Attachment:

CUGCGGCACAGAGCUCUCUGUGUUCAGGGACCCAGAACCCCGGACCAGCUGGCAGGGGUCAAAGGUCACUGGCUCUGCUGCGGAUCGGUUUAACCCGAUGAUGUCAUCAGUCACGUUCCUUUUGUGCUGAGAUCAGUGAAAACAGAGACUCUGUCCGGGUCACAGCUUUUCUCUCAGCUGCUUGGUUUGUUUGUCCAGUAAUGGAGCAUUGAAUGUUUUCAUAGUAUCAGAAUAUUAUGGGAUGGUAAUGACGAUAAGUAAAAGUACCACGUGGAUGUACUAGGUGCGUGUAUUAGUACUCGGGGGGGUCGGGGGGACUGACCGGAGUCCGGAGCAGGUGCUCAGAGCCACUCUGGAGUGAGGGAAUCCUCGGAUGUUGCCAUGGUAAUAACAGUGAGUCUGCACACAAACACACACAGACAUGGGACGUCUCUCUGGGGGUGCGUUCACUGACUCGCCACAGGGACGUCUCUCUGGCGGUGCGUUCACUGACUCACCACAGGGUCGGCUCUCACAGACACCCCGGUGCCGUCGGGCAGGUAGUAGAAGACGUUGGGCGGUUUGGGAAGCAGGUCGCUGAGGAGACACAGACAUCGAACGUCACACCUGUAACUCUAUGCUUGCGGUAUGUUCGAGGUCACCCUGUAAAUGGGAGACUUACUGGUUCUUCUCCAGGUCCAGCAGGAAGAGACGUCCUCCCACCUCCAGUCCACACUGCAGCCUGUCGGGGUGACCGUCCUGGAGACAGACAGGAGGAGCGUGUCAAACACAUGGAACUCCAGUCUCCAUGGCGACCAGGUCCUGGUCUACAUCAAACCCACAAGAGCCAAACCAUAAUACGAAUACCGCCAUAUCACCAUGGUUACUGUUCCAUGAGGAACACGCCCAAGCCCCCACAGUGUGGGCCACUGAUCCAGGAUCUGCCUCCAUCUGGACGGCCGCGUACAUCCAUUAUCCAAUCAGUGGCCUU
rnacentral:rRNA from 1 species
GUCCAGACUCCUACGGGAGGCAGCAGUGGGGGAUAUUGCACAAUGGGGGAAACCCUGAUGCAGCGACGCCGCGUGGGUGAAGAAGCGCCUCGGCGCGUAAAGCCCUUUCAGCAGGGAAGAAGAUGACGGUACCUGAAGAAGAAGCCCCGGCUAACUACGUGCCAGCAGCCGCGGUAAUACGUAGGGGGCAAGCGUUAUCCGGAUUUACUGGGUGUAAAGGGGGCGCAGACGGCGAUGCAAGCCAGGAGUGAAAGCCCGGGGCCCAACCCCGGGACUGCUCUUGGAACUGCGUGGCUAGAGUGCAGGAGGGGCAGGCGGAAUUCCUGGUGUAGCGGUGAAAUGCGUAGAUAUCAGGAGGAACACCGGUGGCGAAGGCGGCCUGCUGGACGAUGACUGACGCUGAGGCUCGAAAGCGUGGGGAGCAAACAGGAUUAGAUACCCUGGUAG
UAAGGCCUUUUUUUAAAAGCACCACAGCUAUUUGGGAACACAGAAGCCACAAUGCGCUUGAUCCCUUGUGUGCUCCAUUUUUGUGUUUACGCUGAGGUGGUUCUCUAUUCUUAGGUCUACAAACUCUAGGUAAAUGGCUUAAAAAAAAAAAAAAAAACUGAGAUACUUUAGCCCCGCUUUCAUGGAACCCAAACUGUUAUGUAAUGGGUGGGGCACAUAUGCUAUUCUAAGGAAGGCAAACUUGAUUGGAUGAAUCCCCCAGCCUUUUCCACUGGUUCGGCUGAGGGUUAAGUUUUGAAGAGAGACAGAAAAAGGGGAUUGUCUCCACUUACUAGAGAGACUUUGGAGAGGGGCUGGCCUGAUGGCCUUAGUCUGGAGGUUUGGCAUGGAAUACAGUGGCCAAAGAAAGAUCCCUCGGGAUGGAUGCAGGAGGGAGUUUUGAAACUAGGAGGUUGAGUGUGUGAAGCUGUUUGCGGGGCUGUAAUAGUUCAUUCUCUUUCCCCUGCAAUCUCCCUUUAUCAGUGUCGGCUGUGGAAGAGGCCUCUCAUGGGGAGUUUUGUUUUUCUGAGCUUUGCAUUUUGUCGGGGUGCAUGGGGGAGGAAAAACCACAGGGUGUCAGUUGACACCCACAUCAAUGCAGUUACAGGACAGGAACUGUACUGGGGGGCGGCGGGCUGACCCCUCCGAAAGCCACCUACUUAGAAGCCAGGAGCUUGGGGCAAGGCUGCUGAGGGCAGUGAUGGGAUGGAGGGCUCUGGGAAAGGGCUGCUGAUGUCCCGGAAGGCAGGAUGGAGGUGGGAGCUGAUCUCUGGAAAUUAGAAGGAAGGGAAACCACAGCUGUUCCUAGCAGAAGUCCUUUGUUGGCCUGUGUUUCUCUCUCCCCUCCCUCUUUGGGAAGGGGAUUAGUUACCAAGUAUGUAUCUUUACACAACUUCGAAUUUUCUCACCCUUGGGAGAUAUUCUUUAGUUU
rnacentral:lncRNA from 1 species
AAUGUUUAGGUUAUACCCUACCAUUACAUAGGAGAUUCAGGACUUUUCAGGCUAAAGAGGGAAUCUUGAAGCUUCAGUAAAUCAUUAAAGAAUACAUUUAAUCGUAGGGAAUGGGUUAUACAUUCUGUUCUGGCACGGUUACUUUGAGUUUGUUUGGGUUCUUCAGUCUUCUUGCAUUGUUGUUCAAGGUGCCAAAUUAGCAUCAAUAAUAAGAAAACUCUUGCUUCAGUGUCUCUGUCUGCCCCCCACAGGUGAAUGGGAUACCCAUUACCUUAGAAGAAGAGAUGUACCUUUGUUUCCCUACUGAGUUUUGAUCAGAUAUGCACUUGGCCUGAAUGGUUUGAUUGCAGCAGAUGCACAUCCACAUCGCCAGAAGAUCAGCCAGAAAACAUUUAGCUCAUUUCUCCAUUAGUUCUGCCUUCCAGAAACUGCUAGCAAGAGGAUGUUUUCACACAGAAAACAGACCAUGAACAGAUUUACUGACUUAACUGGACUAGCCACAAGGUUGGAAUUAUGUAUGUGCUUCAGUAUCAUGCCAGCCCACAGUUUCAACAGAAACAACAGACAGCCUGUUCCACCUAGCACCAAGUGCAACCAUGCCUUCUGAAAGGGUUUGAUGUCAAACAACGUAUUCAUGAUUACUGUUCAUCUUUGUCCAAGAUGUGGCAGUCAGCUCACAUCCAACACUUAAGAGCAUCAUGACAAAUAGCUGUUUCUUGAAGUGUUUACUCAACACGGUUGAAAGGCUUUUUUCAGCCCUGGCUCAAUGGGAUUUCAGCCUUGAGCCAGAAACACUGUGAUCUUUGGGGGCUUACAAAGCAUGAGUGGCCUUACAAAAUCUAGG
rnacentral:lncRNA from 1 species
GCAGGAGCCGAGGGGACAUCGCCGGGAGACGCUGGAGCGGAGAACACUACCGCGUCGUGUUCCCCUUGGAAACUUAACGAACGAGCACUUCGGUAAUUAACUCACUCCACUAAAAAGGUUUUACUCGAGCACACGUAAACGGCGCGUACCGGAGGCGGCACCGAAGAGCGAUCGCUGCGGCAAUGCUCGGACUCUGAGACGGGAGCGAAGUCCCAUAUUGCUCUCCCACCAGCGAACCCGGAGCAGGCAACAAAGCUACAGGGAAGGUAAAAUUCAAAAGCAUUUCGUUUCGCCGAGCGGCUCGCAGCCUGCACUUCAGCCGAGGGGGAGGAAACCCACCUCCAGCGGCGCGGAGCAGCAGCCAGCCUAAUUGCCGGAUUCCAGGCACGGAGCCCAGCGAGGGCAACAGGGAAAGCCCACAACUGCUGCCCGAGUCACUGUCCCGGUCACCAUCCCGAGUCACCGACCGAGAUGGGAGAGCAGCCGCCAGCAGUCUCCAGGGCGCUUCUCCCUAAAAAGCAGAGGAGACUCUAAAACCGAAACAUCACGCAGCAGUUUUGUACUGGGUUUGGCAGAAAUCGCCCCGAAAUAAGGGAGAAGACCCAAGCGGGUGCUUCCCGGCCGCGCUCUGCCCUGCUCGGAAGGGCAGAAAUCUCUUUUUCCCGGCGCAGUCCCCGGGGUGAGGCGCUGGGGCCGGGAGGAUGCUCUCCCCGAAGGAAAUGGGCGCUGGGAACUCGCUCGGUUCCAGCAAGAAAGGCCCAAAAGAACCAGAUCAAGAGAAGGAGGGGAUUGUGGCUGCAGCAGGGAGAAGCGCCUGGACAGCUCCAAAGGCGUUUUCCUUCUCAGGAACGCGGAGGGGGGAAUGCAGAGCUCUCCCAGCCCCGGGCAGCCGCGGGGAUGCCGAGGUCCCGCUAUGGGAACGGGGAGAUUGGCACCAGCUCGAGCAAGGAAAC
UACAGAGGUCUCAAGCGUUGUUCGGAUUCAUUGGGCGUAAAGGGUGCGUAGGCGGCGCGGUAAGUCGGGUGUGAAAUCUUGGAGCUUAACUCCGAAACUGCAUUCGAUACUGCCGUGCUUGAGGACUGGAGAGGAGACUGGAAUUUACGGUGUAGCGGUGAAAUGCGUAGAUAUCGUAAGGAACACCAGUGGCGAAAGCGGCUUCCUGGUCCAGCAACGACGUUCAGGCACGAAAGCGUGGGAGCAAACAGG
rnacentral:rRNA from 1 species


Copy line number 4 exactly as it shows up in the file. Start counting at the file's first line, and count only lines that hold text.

UAAGGCCUUUUUUUAAAAGCACCACAGCUAUUUGGGAACACAGAAGCCACAAUGCGCUUGAUCCCUUGUGUGCUCCAUUUUUGUGUUUACGCUGAGGUGGUUCUCUAUUCUUAGGUCUACAAACUCUAGGUAAAUGGCUUAAAAAAAAAAAAAAAAACUGAGAUACUUUAGCCCCGCUUUCAUGGAACCCAAACUGUUAUGUAAUGGGUGGGGCACAUAUGCUAUUCUAAGGAAGGCAAACUUGAUUGGAUGAAUCCCCCAGCCUUUUCCACUGGUUCGGCUGAGGGUUAAGUUUUGAAGAGAGACAGAAAAAGGGGAUUGUCUCCACUUACUAGAGAGACUUUGGAGAGGGGCUGGCCUGAUGGCCUUAGUCUGGAGGUUUGGCAUGGAAUACAGUGGCCAAAGAAAGAUCCCUCGGGAUGGAUGCAGGAGGGAGUUUUGAAACUAGGAGGUUGAGUGUGUGAAGCUGUUUGCGGGGCUGUAAUAGUUCAUUCUCUUUCCCCUGCAAUCUCCCUUUAUCAGUGUCGGCUGUGGAAGAGGCCUCUCAUGGGGAGUUUUGUUUUUCUGAGCUUUGCAUUUUGUCGGGGUGCAUGGGGGAGGAAAAACCACAGGGUGUCAGUUGACACCCACAUCAAUGCAGUUACAGGACAGGAACUGUACUGGGGGGCGGCGGGCUGACCCCUCCGAAAGCCACCUACUUAGAAGCCAGGAGCUUGGGGCAAGGCUGCUGAGGGCAGUGAUGGGAUGGAGGGCUCUGGGAAAGGGCUGCUGAUGUCCCGGAAGGCAGGAUGGAGGUGGGAGCUGAUCUCUGGAAAUUAGAAGGAAGGGAAACCACAGCUGUUCCUAGCAGAAGUCCUUUGUUGGCCUGUGUUUCUCUCUCCCCUCCCUCUUUGGGAAGGGGAUUAGUUACCAAGUAUGUAUCUUUACACAACUUCGAAUUUUCUCACCCUUGGGAGAUAUUCUUUAGUUU